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'Padmaavat' Review: Visual Spectacle

'Padmaavat' Review: Visual Spectacle

Movie: Padmaavat
Rating: 2.75/5
Banner:
Bhansali Productions, Viacom 18 Motion Pictures
Cast: Deepika Padukone, Shahid Kapoor, Ranveer Singh, Aditi Rao Hydari, Jim Sarbh
Written by: Sanjay Leela Bhansali, Prakash Kapadia
Cinematography: Sudeep Chatterjee
Producers: Sanjay Leela Bhansali, Ajit Andhare
Director: Sanjay Leela Bhansali
Release date: 25 January 2018

The film is probably the most spoken-about movie in recent times. From the menacing look of Ranveer Singh, to the restrained and ethereal portrayal of Shahid Kapoor and Deepika Padukone respectively, much has been written about the film.

After a lot of controversies, Sanjay Leela Bhasali's epic hits the screens finally.

Let's check out how the film has shaped up...

Story:
A visual delight for the audience, Sanjay Leela Bhansali's classic epic Padmaavat is an on-screen marvel. At its core, the story rides on the age-old premise of the good winning over the evil.

Based on a poem by Malik Muhammad Jayasi, the film set in 13th century is a compelling tale of love between Maharana Rawal Ratan Singh and Rani Padmavati and the mad obsession of Alauddin Khilji for the Sinhalese queen.

Performances:
Deepika Padukone plays the beautiful queen Rani Padmavati, whose beauty once inspired the bards.

As the consort of Maharana Rawal Ratan Singh, Deepika is probably at her best. She brings grace and dignity to her character with her subtle performance through out.

Despite the presence of two talented co-stars, Deepika manages to hold forth her exuberance and totally justifies the responsibility placed on her by the director and the script.

Shahid Kapoor as Rawal Ratan Singh disappoints though. For much of the film, he appears bewildered as his character talks about Rajput aan and maryada.

And as one watches the film, one cannot help wondering if he is a match to the towering Khilji.

Ranveer Singh by far gets to play the 'meatier' role in the film as the sultan of Khilji dynasty. He is at his menacing best snarling and roaring his way through the scenes. He completely plays up to the director's vision and makes for an interesting watch on-screen.

From the rest of the cast, Jim Sarbh who was last seen in Neerja, once again leaves his mark as the eunuch slave of Khilji. He too in keeping with his character, pulls off the role perfectly highlighting the tension of probably being in love with Khilji.

Aditi Rao Hydari, as the wife of Khilji, gets a brief role, but she plays it with maturity.

Technical Excellence:
The film is an out and out Bhansali film. The director promises a visual treat to his viewers and that is what he delivers. For the entire run time, the director retains a poetic exuberance he is known for.

He seems totally in control of the scale and grandeur expected of an epic tale and sets out to translate his vision on to the screen, be it in showing the tender intimate moments between Maharana and queen Padmavati or the hardened, diabolic nature of Khilji or the elaborate war scenes.

Apart from direction, Bhansali is also involved in the music department and the much-written Ghoomar song is indeed a visual treat. Of course, post Bajirao Mastani, one expects a little more from Bhansali, but he nevertheless manages to enchant his audiences all over again.

In Padmaavat, he adds lots of colour and depth to his characters.

One can almost feel the rich textures used by the costume designers Rimple and Harpreet Narula to retain the authenticity of the period.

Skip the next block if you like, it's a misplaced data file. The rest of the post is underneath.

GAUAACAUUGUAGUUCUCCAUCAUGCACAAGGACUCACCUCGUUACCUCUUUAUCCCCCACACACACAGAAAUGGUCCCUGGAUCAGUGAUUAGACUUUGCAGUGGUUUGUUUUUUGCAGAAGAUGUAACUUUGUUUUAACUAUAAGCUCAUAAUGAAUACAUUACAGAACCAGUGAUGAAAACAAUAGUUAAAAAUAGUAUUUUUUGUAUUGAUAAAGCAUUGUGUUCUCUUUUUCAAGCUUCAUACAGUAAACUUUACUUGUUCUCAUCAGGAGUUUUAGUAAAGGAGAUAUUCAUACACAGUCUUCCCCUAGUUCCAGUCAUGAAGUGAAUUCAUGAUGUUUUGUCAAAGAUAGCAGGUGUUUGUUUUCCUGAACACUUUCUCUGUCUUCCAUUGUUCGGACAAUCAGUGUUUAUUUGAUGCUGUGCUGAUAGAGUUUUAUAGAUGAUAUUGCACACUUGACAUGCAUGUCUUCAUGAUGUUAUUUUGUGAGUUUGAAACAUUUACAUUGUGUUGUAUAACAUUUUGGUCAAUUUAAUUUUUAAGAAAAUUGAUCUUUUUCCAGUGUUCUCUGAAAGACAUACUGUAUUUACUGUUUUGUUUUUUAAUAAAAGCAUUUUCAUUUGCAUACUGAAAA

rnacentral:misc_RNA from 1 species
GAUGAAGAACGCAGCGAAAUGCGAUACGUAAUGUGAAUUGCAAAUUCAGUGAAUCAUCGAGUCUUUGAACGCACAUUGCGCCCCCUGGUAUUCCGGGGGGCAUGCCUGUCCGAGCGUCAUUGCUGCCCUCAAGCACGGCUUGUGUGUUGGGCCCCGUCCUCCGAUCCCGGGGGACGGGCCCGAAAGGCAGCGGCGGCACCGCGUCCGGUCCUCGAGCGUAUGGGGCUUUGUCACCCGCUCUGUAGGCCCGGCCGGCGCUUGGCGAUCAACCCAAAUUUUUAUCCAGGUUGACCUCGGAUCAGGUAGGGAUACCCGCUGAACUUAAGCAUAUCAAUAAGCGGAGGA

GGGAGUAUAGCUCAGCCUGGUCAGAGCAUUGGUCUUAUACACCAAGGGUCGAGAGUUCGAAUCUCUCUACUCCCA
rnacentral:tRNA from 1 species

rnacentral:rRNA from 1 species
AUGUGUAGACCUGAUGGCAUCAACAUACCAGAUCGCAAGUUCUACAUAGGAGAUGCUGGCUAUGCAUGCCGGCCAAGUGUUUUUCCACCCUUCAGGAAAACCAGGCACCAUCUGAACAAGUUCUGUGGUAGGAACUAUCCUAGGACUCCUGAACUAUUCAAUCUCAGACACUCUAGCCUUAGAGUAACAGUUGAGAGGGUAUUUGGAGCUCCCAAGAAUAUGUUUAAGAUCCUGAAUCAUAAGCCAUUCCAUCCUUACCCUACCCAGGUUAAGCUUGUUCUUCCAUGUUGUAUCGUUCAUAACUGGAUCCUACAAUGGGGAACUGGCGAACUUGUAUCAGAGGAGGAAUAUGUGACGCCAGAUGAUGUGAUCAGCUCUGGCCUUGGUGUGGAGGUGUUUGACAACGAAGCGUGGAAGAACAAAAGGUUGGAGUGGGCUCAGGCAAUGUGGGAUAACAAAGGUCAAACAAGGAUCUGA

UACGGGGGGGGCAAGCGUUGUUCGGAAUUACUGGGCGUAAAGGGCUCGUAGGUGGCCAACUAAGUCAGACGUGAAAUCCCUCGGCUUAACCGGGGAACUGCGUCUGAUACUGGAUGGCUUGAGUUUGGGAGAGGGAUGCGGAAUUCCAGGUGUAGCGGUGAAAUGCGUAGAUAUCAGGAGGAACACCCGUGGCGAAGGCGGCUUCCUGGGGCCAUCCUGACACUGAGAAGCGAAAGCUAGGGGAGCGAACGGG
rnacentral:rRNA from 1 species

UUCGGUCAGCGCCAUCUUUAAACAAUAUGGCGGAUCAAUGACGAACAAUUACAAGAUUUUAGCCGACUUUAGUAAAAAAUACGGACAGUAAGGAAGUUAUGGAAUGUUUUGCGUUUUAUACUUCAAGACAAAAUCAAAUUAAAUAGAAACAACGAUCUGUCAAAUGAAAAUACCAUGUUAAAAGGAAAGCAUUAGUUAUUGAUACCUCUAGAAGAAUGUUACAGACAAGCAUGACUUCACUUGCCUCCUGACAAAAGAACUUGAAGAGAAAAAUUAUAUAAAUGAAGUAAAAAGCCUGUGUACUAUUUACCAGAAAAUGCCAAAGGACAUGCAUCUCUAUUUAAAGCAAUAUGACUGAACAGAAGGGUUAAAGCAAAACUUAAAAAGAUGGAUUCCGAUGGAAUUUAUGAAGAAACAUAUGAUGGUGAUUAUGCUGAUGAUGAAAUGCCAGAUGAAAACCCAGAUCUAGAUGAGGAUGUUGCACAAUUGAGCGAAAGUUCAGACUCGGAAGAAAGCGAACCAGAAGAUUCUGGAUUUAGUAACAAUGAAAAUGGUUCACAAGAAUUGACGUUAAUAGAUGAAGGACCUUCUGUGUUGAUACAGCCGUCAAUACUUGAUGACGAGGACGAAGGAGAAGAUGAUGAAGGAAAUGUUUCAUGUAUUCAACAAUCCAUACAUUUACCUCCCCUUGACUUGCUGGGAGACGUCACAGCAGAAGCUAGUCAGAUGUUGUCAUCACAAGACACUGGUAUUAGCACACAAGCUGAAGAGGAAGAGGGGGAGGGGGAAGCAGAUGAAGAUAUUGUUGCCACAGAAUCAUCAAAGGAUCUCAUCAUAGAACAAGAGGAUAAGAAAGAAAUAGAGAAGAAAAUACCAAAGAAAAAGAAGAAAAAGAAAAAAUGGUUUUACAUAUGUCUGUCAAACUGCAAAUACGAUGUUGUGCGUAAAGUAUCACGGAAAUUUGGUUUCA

Cinematographer Sudeep Chatterjee proves once again why he's one of the best in the business. The art direction is brilliant.

Analysis:
'Padmaavat' draws you into its world within the first few moments, transporting you to Maharaja's courtyard, or the Rani's chambers, and even to the war sequences -- but most importantly, it takes you into the mind and heart of Khilji, where he grapples with greed of power and lust for women. 

Directed magnificently by Bhansali, he strings along some brilliant moments between its principal characters. For instance, there are these delicately handled romantic sequences between the Maharana and Padmavati. Or the first time, Maharana and Khilji come face to face. These are moments that show the mark of Bhansali.

Surely, Bhansali has picked the best for his team to visualize his dream and they do complete justice to bring forth the splendor and extravagance of 13th century Rajputana.

Of course, the superlative acting by the trio is his trump card. As the part-feisty-part-graceful Rani Padmavati, Padukone is wonderfully restrained and uses her eyes to emote, making this one of her finest outings on screen. 

With his understated act, Shahid Kapoor stands tall in each frame. But it is Ranveer who walks away with all the applause. Aided by a character that has multiple layers and is the best written of the leads, he sinks his teeth into the meaty role and makes it his own.

While the characters infuse life into the script, it falters due to too many loose ends. The biggest shortcoming though is that it fails to connect at an emotional level. Bhansali fails to do complete justice to no one emotion, be it love, war or obsession.

Also, the final scene where Deepika Padukone explains why she commits jauhar along with other women and children, will definitely not go well with audiences in today's times.

The climax showdown between Khilji and Ratan Singh, which had a lot of scope for sparks flying, ends in a whimper.

Probably, that is the biggest problem of Bhansali's Padmaavat. It seems disinterested in exploring the grandiose that a film of such magnitude promises or the makers were so caught up in characterization, that they have lost out on giving the period drama the treatment it truly deserved.

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